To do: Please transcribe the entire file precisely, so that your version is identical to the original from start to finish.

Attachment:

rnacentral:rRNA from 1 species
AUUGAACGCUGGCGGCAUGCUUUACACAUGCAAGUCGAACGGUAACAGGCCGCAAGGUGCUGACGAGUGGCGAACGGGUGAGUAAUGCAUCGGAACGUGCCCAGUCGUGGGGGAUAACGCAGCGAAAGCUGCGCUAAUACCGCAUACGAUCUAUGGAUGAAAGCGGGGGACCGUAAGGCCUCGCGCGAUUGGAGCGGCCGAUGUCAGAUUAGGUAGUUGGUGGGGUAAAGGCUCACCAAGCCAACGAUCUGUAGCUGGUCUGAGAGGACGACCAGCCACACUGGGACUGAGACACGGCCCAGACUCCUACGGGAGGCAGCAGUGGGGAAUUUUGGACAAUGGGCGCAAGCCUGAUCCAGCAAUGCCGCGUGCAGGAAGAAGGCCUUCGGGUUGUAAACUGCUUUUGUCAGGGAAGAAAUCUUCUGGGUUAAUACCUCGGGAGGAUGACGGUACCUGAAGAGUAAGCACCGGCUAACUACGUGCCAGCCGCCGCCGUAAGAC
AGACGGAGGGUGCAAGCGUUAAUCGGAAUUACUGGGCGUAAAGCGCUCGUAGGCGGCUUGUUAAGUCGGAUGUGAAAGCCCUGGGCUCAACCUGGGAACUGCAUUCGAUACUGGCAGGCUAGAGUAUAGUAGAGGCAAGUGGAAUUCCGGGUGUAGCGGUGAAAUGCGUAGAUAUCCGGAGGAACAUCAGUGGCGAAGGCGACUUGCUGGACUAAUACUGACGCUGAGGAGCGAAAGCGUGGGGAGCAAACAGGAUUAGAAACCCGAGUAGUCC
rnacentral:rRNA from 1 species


rnacentral:rRNA from 1 species
AUUGAACGCUGGCGGCAUGCUUUACACAUGCAAGUCGAACGGUAACAGGCCGCAAGGUGCUGACGAGUGGCGAACGGGUGAGUAAUGCAUCGGAACGUGCCCAGUCGUGGGGGAUAACGCAGCGAAAGCUGCGCUAAUACCGCAUACGAUCUAUGGAUGAAAGCGGGGGACCGUAAGGCCUCGCGCGAUUGGAGCGGCCGAUGUCAGAUUAGGUAGUUGGUGGGGUAAAGGCUCACCAAGCCAACGAUCUGUAGCUGGUCUGAGAGGACGACCAGCCACACUGGGACUGAGACACGGCCCAGACUCCUACGGGAGGCAGCAGUGGGGAAUUUUGGACAAUGGGCGCAAGCCUGAUCCAGCAAUGCCGCGUGCAGGAAGAAGGCCUUCGGGUUGUAAACUGCUUUUGUCAGGGAAGAAAUCUUCUGGGUUAAUACCUCGGGAGGAUGACGGUACCUGAAGAGUAAGCACCGGCUAACUACGUGCCAGCCGCCGCCGUAAGAC
AGACGGAGGGUGCAAGCGUUAAUCGGAAUUACUGGGCGUAAAGCGCUCGUAGGCGGCUUGUUAAGUCGGAUGUGAAAGCCCUGGGCUCAACCUGGGAACUGCAUUCGAUACUGGCAGGCUAGAGUAUAGUAGAGGCAAGUGGAAUUCCGGGUGUAGCGGUGAAAUGCGUAGAUAUCCGGAGGAACAUCAGUGGCGAAGGCGACUUGCUGGACUAAUACUGACGCUGAGGAGCGAAAGCGUGGGGAGCAAACAGGAUUAGAAACCCGAGUAGUCC
rnacentral:rRNA from 1 species